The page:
With Portage underpass closed to traffic for three weeks instead of the original one week, town council urged residents to continue to be patient and understanding about the difficulty of the project at hand during Monday evening’s council meeting.
“I’ve got to just thank the residents for having the patience they’ve had,” stated Mayor Roy Avis. “Especially this past weekend when on a Saturday morning there was a separation of a train and some residents were stuck on the north end of town for over an hour.”
“This is a long project, this is a three year project, I know the goal of council is to see it completed this year and I’ve got very strong reason to believe that it will be completed this year,” he said, asking people to continue being patient, despite delays.
While originally projected to be closed for just one week in order to complete the west side concrete land slabs, excavation work at the site uncovered that the subgrade was a silty clay material, explained Environmental and Facilities superintendent, Doug Herr, when giving council an update on various projects around town at Monday evening’s council meeting.
This silty clay material has a high moisture contest and “very poor susceptibility for loadings on it,” Herr said, likening it to “Jell-o”
Because of this, excavation of approximately three feet of material occurred and crushed rock material put down in it, so that the workers could work off of it.
Excavation for the subgrade was completed as of Monday, and since then the contractors were putting down the granular base followed by the road bed.
Meanwhile, the contractor is scheduled to begin the formation of the concrete slabs for the road base, which will take two weeks today, with another seven days of waiting for these to set, Herr explained.
The west sidewalk is 99.9 percent complete, with just a chainlink fence left to install.
“Remember when the structure was originally built, it was a superstructure and it was needed by the CN and they built it on their dime,” commented town CAO Mark McCaig on the situation.
In talking with the engineers who worked on the original project, McCaig explained that he was informed that they encountered even “more significant problems” than compared to what the town has seen now.
“When we dig the road up, there’s a lot of unforeseens,” McCaig said, adding that these aren’t always going to be uncovered through soil drillings and other tests.
Coun. Sharon Tibbs pointed out a similar situation back in the 1990s when the town tore up a section of Colonization Road West that leads towards the airport only to discover a similar soil situation.
“The soil conditions underneath were horrific, and it was certainly the reason why that road kept deteriorating over and over and over again in a very short lifespan,” she recounted.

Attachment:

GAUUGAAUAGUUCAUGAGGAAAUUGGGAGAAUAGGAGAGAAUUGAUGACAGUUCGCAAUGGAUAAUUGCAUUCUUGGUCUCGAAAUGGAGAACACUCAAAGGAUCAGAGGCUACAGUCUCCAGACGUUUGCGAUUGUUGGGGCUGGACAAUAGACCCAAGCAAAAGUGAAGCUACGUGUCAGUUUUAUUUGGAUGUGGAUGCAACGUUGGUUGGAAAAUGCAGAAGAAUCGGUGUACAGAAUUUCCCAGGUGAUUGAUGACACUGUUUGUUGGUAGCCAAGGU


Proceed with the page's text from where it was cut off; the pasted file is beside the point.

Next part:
“And at that time we had to, as a community, make a decision that we weren’t going to let that happen again, that we were going to spend the money, excavate, put in a proper base, and I don’t think we’ve touched that section of highway since,” she explained, stressing that sometimes soil conditions underneath are unknown until uncovered.
“You need to deal with them because you’re just wasting money if you’re just putting it back in on top of the same kind [of soil]. It just doesn’t work,” she stated.
“We’re not doing this on a lark, we have to fix the underpass,” McCaig stressed. “We’ve seen significant landslides down there, we’ve seen a crumbling retaining wall structure, and somebody has to do it.”
“So yeah, it has been an inconvenience and there has been some unexpected closures related to it, but it’s something that has to be done and guess who does it? The town,” McCaig said, pointing out that aside from the governments that gave them funding, the town hasn’t had other help for the project, even from CN.
On the same note, Mayor Avis pointed out that CN won’t even pay to paint over the old black paint and clean that part of the underpass.
“So that’s another issue that we’re going to be facing as a town, to clean that up so it makes it look we rebuilt it, otherwise it’s going to look like it’s half completed,” the mayor said.
Biomass roads project
Herr also gave council an update on progress made with the biomass road project between July 27 to Aug. 10.
In this time, the sections of Victoria Avenue and Nelson Avenue that were being worked upon have now been paved and are open to traffic.
Meanwhile on Portage Avenue from Nelson Street to Church, the asphalt and 30 metres of curb has been removed, and both a sanitary sewer and water main have been installed just south of Church Street. The road has been excavated and granular A and B have been placed to mid-block and storm sewer system has also been completed in that section.